The coming CLASS war
The eighteenth-century German military strategist Carl von Clausewitz defined war as the continuation of politics by different means, and, like the ancient Chinese strategist Sun Tzu, believed that securing peace meant preparing for violent conflict. As the world becomes increasingly tumultuous – apparent in the revival of military struggle in Ukraine, continued chaos in the Middle East, and rising tensions in East Asia – such thinking could not be more relevant.
Wars are traditionally fought over territory. But the definition of territory has evolved to incorporate five domains: land, air, sea, space, and, most recently, cyberspace. These dimensions of “CLASS war” define the threats facing the world today. The specific triggers, objectives, and battle lines of such conflicts are likely to be determined, to varying degrees, by five factors: creed, clan, culture, climate, and currency. Indeed, these factors are already fueling conflicts around the world.
Religion, or creed, is among history’s most common motives for war, and the twenty-first century is no exception. Consider the proliferation of jihadist groups, such as the Islamic State, which continues to seize territory in Iraq and Syria, and Boko Haram, which has been engaged in a brutal campaign of abductions, bombings, and murder in Nigeria. There have also been violent clashes between Buddhists and Muslims in Myanmar and southern Thailand, and between Islamists and Catholics in the Philippines.
The second factor – clan – is manifested in rising ethnic tensions in Europe, Turkey, India, and elsewhere, driven by forces like migration and competition for jobs. In Africa, artificial borders that were drawn by colonial powers are becoming untenable, as different tribes and ethnic groups attempt to carve out their own territorial spaces. And the conflict in Ukraine mobilises the long-simmering frustration felt by ethnic Russians who were left behind when the Soviet Union collapsed.
The third potential source of conflict consists in the fundamental cultural differences created by societies’ unique histories and institutional arrangements. Despite accounting for only one-eighth of the world’s population, the United States and Europe have long enjoyed economic dominance – accounting for half of global GDP – and disproportionate international influence. But, as new economic powerhouses rise, they will increasingly challenge the West, and not just for market share and resources; they will seek to infuse the global order with their own cultural understandings and frames of reference.
Of course, competition for resources will also be important, especially as the consequences of the fourth factor – climate change – manifest themselves. Many countries and regions are already under severe water stress, which will only intensify as climate change causes natural disasters and extreme weather events like droughts to become increasingly common. Likewise, as forests and marine resources are depleted, competition for food could generate conflict.
This kind of conflict directly contradicts the promise of globalisation – namely, that access to foreign food and energy would enable countries to concentrate on their comparative advantages. If emerging conflicts and competitive pressures lead to, say, economic sanctions or the obstruction of key trade routes, the resulting balkanisation of global trade would diminish globalisation’s benefits substantially.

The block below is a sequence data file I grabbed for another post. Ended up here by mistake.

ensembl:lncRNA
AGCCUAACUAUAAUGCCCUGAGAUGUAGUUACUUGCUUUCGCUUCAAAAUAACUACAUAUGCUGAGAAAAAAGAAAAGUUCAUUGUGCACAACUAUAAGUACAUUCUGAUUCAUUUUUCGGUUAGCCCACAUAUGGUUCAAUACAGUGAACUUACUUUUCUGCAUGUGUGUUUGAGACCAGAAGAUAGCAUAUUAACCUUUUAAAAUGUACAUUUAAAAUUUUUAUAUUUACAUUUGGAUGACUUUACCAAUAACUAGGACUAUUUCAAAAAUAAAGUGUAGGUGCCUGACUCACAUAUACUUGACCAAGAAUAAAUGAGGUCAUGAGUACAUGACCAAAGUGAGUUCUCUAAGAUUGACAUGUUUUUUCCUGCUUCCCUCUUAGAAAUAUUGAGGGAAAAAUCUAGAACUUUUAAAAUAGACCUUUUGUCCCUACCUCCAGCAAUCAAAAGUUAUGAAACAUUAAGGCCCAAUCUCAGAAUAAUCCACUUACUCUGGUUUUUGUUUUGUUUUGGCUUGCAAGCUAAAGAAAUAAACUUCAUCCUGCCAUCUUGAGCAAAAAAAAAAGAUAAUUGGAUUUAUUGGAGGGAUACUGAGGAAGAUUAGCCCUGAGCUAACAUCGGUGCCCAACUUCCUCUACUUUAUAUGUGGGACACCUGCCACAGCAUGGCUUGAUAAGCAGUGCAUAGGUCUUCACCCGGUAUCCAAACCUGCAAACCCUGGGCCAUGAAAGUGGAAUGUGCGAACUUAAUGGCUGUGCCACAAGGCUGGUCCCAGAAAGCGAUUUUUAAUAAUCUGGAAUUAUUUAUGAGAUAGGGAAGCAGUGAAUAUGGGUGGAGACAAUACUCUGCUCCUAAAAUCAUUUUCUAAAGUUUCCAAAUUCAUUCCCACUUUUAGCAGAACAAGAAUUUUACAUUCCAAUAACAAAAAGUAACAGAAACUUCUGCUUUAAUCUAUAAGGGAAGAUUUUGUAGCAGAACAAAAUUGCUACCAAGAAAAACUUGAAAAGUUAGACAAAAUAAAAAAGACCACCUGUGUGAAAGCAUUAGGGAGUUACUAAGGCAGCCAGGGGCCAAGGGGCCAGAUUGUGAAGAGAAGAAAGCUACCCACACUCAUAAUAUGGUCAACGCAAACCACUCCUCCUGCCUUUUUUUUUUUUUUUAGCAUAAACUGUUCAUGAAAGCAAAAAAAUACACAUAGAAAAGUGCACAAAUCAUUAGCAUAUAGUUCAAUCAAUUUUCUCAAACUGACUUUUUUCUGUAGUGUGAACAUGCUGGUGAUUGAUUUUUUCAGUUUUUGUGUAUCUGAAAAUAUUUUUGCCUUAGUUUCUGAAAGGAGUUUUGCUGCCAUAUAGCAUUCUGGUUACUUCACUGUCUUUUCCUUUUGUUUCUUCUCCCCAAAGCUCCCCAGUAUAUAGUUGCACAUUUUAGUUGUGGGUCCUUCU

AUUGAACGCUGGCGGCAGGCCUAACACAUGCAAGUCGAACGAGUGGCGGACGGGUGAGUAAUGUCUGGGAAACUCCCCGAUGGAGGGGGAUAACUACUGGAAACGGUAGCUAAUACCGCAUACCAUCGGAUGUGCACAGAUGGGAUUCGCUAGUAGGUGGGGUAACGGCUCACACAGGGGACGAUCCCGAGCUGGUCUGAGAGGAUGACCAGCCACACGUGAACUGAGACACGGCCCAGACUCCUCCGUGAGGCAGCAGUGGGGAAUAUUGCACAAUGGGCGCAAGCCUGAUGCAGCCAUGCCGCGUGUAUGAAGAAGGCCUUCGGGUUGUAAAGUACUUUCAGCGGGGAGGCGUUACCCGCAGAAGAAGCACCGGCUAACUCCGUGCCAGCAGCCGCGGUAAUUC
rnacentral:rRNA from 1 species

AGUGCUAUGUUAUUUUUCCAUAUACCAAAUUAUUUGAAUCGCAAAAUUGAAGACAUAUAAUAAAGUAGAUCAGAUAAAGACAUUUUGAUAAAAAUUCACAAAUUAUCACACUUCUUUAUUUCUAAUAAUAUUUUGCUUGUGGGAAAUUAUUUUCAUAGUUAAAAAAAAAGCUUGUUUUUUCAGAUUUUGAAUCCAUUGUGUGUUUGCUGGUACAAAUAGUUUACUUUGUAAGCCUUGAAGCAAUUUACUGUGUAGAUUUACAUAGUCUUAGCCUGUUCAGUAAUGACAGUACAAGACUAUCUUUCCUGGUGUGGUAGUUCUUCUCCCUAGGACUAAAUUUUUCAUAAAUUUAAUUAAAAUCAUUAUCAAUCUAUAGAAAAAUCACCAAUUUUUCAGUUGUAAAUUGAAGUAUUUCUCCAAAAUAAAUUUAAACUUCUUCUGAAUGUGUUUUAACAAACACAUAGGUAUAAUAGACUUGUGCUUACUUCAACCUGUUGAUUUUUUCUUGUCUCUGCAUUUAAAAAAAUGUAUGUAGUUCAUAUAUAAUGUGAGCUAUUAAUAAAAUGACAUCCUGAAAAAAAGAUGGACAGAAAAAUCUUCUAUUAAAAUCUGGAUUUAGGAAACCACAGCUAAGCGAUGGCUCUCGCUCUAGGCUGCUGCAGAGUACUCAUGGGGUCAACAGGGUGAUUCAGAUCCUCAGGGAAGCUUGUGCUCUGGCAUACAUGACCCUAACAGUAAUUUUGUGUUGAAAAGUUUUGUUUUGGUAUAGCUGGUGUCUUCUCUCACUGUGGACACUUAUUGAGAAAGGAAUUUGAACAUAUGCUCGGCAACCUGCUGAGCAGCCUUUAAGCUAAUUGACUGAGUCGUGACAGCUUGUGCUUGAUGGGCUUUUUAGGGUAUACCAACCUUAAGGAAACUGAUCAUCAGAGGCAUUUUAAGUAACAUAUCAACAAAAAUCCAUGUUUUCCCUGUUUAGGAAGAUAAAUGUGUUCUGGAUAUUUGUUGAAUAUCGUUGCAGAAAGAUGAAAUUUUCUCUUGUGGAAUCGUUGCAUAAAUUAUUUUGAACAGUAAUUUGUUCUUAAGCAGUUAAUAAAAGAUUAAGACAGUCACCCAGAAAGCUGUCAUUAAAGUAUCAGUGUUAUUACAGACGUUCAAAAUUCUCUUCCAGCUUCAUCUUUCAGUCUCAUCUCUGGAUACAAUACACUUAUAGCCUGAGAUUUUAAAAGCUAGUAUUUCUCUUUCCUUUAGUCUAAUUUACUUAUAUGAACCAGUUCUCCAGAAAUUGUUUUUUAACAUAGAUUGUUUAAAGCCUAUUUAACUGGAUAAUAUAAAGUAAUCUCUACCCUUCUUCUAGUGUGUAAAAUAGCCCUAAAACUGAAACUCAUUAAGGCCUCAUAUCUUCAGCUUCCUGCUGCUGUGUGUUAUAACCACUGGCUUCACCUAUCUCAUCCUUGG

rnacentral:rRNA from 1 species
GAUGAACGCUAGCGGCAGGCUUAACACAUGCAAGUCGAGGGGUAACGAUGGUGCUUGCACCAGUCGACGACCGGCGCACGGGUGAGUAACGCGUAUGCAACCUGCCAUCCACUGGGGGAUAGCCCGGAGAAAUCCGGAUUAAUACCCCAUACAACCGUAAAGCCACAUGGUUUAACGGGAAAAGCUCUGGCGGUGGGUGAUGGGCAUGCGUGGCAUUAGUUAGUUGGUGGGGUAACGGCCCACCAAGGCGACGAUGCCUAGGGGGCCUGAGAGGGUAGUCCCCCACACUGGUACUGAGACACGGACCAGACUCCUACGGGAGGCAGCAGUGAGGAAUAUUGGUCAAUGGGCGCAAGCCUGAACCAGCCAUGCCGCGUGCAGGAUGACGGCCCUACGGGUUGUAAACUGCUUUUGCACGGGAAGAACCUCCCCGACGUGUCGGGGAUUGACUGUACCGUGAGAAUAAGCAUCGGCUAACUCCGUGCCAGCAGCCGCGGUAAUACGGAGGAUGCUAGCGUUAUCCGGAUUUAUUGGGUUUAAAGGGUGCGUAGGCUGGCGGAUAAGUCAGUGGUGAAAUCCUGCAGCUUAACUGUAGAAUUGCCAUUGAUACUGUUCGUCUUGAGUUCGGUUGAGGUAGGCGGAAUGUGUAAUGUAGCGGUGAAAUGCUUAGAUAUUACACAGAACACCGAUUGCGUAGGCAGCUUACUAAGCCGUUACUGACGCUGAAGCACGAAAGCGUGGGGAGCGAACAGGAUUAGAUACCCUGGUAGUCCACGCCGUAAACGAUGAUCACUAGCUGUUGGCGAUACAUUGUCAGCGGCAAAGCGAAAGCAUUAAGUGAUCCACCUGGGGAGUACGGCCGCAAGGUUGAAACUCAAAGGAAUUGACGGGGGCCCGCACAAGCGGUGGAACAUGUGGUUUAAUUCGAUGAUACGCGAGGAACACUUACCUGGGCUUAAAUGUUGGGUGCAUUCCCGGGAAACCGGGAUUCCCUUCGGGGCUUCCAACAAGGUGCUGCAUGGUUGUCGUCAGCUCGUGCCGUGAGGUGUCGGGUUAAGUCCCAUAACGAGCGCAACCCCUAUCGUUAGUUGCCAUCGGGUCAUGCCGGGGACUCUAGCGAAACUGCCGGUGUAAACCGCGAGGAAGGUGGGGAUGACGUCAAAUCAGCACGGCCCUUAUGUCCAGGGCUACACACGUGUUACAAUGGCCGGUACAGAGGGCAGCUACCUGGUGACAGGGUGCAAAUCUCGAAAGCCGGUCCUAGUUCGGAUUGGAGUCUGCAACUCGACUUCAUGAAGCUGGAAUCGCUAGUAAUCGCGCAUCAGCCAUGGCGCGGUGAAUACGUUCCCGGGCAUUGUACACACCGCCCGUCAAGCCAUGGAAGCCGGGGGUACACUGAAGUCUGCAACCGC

Moreover, the social unrest that often accompanies economic strife could cause countries to fragment into smaller units that fight one another over values or resources. To some extent, this is already occurring, with Iraq and Syria splintering into sectarian or tribal units.
The final key risk facing the world concerns currency. Since the global economic crisis, the expansionary monetary policies that advanced-economy central banks have pursued have caused large-scale, volatile capital flows across emergingeconomy borders, generating significant instability for these countries and fueling accusations of “currency wars.”
The extra-territorial use of regulatory and tax powers – particularly by the US, which has the added advantage of issuing the world’s preeminent reserve currency – is reinforcing the view that currencies can be wielded as weapons. For example, the US has effectively balkanised global banking by requiring all foreign banks operating there to become subsidiary companies and requiring international banks with US-dollar clearing accounts to comply fully with US tax, regulatory, and even, to some degree, foreign policy (for example, refraining from trading with US enemies).
Hefty fines imposed by US regulators for breaching the rules – notably, the recent $8.9 bln settlement by BNP Paribas – are already causing European banks to re-think their compliance costs and the profitability of operating in the US. Meanwhile, American courts have forced Argentina into another national default.
But perhaps the strongest message is being sent via targeted sanctions on Russia’s oil, finance, defense, and technology industries, as well as on Russian officials. With this approach, the US and its allies are sending a clear message to anyone who may disagree with US policy: avoid using the dollar and dollardenominated bank accounts. Some financial activity has already been driven into the shadows, reflected in the use of Bitcoin and other currencies that are beyond the reach of US regulators.
In a recent speech, President Barack Obama declared that the question is not whether the US will lead, but how it will lead. But, as creed, clan, culture, climate, and currency cause the world to become increasingly alienated from the US-centric international order, such declarations may be excessively optimistic. Indeed, in the coming CLASS war, no one seems quite sure whom to follow.